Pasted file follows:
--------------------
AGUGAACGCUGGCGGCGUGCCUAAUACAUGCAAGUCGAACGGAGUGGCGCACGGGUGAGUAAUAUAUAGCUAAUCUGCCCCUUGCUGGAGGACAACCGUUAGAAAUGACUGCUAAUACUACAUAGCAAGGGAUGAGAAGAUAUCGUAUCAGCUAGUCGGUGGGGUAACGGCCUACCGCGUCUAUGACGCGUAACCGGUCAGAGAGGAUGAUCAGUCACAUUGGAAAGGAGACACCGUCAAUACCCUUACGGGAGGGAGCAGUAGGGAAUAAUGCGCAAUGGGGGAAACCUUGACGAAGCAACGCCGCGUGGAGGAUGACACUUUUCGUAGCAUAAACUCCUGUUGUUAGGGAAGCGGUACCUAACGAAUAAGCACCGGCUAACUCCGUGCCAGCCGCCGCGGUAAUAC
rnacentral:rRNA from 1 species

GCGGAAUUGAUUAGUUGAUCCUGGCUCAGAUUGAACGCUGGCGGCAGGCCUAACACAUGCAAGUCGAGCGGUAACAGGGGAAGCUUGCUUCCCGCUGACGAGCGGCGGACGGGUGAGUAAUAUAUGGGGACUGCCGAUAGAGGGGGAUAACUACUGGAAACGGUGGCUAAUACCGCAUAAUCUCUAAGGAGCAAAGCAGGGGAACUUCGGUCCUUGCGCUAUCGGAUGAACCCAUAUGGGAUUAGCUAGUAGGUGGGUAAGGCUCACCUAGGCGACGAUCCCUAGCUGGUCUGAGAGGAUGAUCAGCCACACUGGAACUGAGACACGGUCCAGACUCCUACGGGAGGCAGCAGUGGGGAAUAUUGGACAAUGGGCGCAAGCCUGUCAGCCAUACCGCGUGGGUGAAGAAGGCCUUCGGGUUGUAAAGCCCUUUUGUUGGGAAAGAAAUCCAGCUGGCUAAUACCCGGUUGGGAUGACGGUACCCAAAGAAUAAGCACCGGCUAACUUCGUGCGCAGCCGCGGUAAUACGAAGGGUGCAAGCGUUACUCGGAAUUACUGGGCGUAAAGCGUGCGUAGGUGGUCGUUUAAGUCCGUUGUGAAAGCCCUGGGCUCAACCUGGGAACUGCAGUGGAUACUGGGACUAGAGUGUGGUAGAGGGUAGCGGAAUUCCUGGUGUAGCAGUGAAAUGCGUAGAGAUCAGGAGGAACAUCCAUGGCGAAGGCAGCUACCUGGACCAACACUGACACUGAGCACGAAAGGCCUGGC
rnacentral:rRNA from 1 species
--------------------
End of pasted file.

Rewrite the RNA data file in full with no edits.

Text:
AGUGAACGCUGGCGGCGUGCCUAAUACAUGCAAGUCGAACGGAGUGGCGCACGGGUGAGUAAUAUAUAGCUAAUCUGCCCCUUGCUGGAGGACAACCGUUAGAAAUGACUGCUAAUACUACAUAGCAAGGGAUGAGAAGAUAUCGUAUCAGCUAGUCGGUGGGGUAACGGCCUACCGCGUCUAUGACGCGUAACCGGUCAGAGAGGAUGAUCAGUCACAUUGGAAAGGAGACACCGUCAAUACCCUUACGGGAGGGAGCAGUAGGGAAUAAUGCGCAAUGGGGGAAACCUUGACGAAGCAACGCCGCGUGGAGGAUGACACUUUUCGUAGCAUAAACUCCUGUUGUUAGGGAAGCGGUACCUAACGAAUAAGCACCGGCUAACUCCGUGCCAGCCGCCGCGGUAAUAC
rnacentral:rRNA from 1 species

GCGGAAUUGAUUAGUUGAUCCUGGCUCAGAUUGAACGCUGGCGGCAGGCCUAACACAUGCAAGUCGAGCGGUAACAGGGGAAGCUUGCUUCCCGCUGACGAGCGGCGGACGGGUGAGUAAUAUAUGGGGACUGCCGAUAGAGGGGGAUAACUACUGGAAACGGUGGCUAAUACCGCAUAAUCUCUAAGGAGCAAAGCAGGGGAACUUCGGUCCUUGCGCUAUCGGAUGAACCCAUAUGGGAUUAGCUAGUAGGUGGGUAAGGCUCACCUAGGCGACGAUCCCUAGCUGGUCUGAGAGGAUGAUCAGCCACACUGGAACUGAGACACGGUCCAGACUCCUACGGGAGGCAGCAGUGGGGAAUAUUGGACAAUGGGCGCAAGCCUGUCAGCCAUACCGCGUGGGUGAAGAAGGCCUUCGGGUUGUAAAGCCCUUUUGUUGGGAAAGAAAUCCAGCUGGCUAAUACCCGGUUGGGAUGACGGUACCCAAAGAAUAAGCACCGGCUAACUUCGUGCGCAGCCGCGGUAAUACGAAGGGUGCAAGCGUUACUCGGAAUUACUGGGCGUAAAGCGUGCGUAGGUGGUCGUUUAAGUCCGUUGUGAAAGCCCUGGGCUCAACCUGGGAACUGCAGUGGAUACUGGGACUAGAGUGUGGUAGAGGGUAGCGGAAUUCCUGGUGUAGCAGUGAAAUGCGUAGAGAUCAGGAGGAACAUCCAUGGCGAAGGCAGCUACCUGGACCAACACUGACACUGAGCACGAAAGGCCUGGC
rnacentral:rRNA from 1 species